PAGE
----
James M. Ingram (1826–1870)

aka: James M. Ingraham

James M. Ingram was a Confederate guerrilla chieftain during the Civil War who, like William “Buck” Brown, operated in northwestern Arkansas. Ingram survived the war only to be assassinated five years after its end by the son of a man he killed.

James Ingram was born in Illinois in 1826 to Pleasant and Belinda Ingram. By 1848, he was living in Benton County, Arkansas, where he married Amanda Graham; they had four children. After she died around 1855, he married Sara Elizabeth Easley, with whom he would have five children.

Ingram was farming in Benton County when the Civil War began, and he formed a home guard company at some point before the Battle of Pea Ridge in March 1862. After the majority of the Confederate army moved east of the Mississippi River following the loss at Pea Ridge, Ingram was ordered to “proceed (with horses) to Memphis and report to General [Earl] Van Dorn,” but he ignored the order and remained in northwestern Arkansas to lead a guerrilla band.

He soon became an enemy and target of the First Arkansas Cavalry Regiment (US), as he and his men preyed on Union wagon trains, mail carriers, and stragglers from Federal outposts. During the Frog Bayou Expedition, a detachment from the First Arkansas attacked him and thirty or forty of his followers as they sheltered in a cave on the White River on November 15, 1862, but they escaped, with Lieutenant Colonel Albert Bishop reporting that Ingram lost “two…killed, five wounded, and five horses and nine guns…taken.” The Union officer leading the attack, however, wrote that they only succeeded in “dispersing them and taking a number of horses.” Colonel Marcus LaRue Harrison reported that “the notorious J. M. Ingraham” then joined Colonel William Brooks’s troops in falling back from the area.

In February 1863, Ingram, described as “the Captain of the most notorious of these [guerrilla] bands that infest Benton County,” sent a letter written in red ink “or possibly a liquid more sanguineous” to Bishop in Fayetteville (Washington County) in which he warned that “you should be carful for you hav give orders to murder inosent unarm men and Burn if you dont mind you will not Be forgot after peace.”

Ingram continued operating in Benton and Washington counties and was a target of the Union scout from Cassville, Missouri, to Cross Hollows in June 1864, with the Federal officer in charge reporting the guerrilla and his band were watching for opportunities to attack wagon trains. Ingram survived the war, and the Weekly Arkansas Gazette reported that “Capt. Ingram, with 30 or 40 men, surrendered” on May 31, 1865.

After the war, Ingram became a self-taught Baptist preacher, and the Fayetteville Weekly Democrat reported that “since the close of the war, had been living [as] a quiet and peaceable citizen, endeavoring to make a support for his helpless family.”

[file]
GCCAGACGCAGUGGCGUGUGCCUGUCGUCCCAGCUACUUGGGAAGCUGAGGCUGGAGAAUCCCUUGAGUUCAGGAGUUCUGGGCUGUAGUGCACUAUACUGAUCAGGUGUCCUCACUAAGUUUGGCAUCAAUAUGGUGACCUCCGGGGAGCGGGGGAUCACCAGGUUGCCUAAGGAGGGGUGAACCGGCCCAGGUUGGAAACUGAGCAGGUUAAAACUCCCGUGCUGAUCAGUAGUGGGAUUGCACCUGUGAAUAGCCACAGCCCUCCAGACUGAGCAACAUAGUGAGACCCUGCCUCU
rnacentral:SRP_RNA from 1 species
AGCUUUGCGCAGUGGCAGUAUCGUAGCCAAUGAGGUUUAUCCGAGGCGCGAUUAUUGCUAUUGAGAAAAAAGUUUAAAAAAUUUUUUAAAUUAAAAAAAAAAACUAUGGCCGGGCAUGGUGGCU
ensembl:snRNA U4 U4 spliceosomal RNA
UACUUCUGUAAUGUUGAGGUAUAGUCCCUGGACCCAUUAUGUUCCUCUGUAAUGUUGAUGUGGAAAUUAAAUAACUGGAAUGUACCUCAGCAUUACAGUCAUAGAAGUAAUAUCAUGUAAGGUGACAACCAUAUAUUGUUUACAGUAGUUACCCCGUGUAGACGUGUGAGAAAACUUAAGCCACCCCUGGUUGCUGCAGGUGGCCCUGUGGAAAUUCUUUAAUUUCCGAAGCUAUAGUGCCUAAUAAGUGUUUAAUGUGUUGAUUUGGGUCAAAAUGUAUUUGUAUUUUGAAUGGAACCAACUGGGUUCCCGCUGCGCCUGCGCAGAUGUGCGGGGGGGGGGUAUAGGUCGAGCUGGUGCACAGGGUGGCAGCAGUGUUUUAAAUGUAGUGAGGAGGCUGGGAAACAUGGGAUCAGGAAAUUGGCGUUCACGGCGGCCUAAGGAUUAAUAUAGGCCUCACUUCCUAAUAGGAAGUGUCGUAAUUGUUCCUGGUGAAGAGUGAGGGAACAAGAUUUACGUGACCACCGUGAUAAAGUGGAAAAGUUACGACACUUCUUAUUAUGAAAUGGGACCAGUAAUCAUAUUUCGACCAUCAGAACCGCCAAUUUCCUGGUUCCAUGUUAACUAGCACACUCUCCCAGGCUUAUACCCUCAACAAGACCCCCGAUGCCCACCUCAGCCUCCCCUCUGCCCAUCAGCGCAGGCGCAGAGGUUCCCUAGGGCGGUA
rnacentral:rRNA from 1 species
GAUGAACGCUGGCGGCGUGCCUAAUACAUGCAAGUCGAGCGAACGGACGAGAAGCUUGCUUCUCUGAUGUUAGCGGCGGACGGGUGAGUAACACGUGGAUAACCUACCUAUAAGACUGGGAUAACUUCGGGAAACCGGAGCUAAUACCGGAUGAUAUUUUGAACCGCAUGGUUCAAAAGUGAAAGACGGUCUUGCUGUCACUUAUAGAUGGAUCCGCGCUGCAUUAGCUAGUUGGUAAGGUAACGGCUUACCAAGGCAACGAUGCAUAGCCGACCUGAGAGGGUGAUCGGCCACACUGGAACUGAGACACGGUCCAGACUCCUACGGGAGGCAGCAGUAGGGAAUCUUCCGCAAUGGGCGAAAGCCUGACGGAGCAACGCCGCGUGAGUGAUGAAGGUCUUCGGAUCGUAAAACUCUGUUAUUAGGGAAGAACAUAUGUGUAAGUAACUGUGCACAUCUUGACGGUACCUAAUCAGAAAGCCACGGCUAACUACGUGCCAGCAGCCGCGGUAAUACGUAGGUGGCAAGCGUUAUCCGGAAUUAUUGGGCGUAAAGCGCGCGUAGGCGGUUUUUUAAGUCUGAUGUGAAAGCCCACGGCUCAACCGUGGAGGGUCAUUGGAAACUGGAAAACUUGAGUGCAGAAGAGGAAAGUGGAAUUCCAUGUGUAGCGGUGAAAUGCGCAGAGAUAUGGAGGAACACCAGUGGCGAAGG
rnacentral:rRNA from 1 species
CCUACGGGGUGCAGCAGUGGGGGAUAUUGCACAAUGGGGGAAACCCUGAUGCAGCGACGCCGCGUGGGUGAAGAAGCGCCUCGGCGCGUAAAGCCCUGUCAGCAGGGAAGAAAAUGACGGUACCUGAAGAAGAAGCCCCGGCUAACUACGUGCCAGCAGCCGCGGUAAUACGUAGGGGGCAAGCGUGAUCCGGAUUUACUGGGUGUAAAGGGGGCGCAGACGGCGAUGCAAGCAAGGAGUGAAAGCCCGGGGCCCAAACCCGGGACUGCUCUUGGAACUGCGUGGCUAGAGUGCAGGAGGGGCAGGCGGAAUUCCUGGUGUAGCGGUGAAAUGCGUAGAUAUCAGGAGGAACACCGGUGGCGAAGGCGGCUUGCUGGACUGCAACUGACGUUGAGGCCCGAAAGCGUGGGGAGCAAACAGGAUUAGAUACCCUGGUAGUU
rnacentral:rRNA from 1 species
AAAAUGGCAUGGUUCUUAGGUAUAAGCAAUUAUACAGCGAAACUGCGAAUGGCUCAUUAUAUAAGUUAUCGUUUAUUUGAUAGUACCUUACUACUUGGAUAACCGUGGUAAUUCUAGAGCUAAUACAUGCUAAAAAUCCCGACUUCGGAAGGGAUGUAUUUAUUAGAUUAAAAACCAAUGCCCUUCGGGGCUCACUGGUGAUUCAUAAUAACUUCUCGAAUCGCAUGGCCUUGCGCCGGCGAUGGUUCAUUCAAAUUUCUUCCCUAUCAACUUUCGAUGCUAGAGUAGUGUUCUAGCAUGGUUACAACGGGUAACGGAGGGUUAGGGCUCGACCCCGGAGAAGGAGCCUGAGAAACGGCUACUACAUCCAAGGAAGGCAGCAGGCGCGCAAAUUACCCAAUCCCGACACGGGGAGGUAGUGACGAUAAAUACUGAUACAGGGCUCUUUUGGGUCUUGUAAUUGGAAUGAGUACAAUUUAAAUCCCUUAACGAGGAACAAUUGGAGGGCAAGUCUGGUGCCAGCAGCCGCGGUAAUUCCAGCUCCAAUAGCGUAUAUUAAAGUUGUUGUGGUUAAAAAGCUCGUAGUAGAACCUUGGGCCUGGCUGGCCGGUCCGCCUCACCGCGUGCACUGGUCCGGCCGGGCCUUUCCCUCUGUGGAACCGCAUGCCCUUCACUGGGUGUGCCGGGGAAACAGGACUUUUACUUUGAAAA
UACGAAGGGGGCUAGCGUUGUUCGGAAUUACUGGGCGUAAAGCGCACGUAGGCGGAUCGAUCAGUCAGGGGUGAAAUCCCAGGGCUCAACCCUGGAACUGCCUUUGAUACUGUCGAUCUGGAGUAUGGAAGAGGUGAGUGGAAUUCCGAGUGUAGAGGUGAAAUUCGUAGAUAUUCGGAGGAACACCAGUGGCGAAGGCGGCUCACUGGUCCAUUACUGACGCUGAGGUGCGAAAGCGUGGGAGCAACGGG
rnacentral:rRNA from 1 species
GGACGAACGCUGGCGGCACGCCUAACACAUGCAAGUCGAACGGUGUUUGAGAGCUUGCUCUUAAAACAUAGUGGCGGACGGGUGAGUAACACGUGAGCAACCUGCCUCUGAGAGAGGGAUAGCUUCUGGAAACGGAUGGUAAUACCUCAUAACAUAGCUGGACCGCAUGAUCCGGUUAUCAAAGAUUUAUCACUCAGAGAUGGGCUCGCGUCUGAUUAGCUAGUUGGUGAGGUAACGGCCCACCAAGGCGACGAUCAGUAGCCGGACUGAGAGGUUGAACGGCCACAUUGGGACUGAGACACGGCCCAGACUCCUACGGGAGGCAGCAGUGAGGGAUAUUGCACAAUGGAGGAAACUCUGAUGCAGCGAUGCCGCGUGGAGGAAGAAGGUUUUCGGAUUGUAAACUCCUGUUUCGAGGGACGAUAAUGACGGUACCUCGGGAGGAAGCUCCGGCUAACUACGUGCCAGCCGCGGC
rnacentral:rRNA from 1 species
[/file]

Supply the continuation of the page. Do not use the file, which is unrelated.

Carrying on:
On September 4, 1870, Ingram and his family went to the Roberts school house in Washington County to attend a church service. John Stone, who was about seventeen years old and whose father Ingram’s band had hanged in 1864, pulled a pistol and fired at Ingram, who a witness said initially hid behind a horse, but then fled when Stone fired again, “the ball striking Ingram in the back, killing him almost instantly.” Stone escaped and apparently was never prosecuted for “the diabolical murder of…Ingram.”

Ingram is buried at Lowell (Benton County) at the junction of Primrose and Phillips roads.

For additional information:
Beaver, Carole Dolisi. “James M. Ingram. Part 1: Cold-blooded Murderer or Kind-hearted Minister?” Benton County Pioneer 55, no. 2 (2010): 5–13.

Bishop, A. W. Loyalty on the Frontier: Sketches of Union Men of the South-West with Incidents and Adventures in Rebellion on the Border. Edited by Kim Allen Scott. Fayetteville: University of Arkansas Press, 2003.

“Foul Murder.” Fayetteville Weekly Democrat, September 10, 1870, p. 2.

Jones, Glenn. “Captain James M. Ingram, Partisan Ranger—Confederate States of America, 1861–1865, Part 2.” Benton County Pioneer 55, no. 3 (2010): 14–16.

“Murder of James Ingram.” Fayetteville Weekly Democrat, September 17, 1870, p. 3.

Prier, Jay Anthony. “Under the Black Flag: The Real War in Washington County, 1861–1865.” MA thesis, University of Arkansas, 1992.

“State News.” Arkansas Gazette, September 20, 1870, p. 4.

“The Very Latest.” Weekly Arkansas Gazette, June 3, 1865, p. 3.

The War of the Rebellion: A Compilation of the Official Records of the Union and Confederate Armies, Series I, Vol. 13, p. 800. Washington DC: Government Printing Office, 1885.

The War of the Rebellion: A Compilation of the Official Records of the Union and Confederate Armies, Series I, Vol. 22, part 1, p. 751. Washington DC: Government Printing Office, 1888.

The War of the Rebellion: A Compilation of the Official Records of the Union and Confederate Armies, Series I, Vol. 34, part 1, p. 1041. Washington DC: Government Printing Office, 1891.

Mark K. Christ
Central Arkansas Library System


    I hope to visit the site since I am a descendent of James M. Ingram. The history interested me to no end.

    Michelle Fitzpatrick Atchison, KS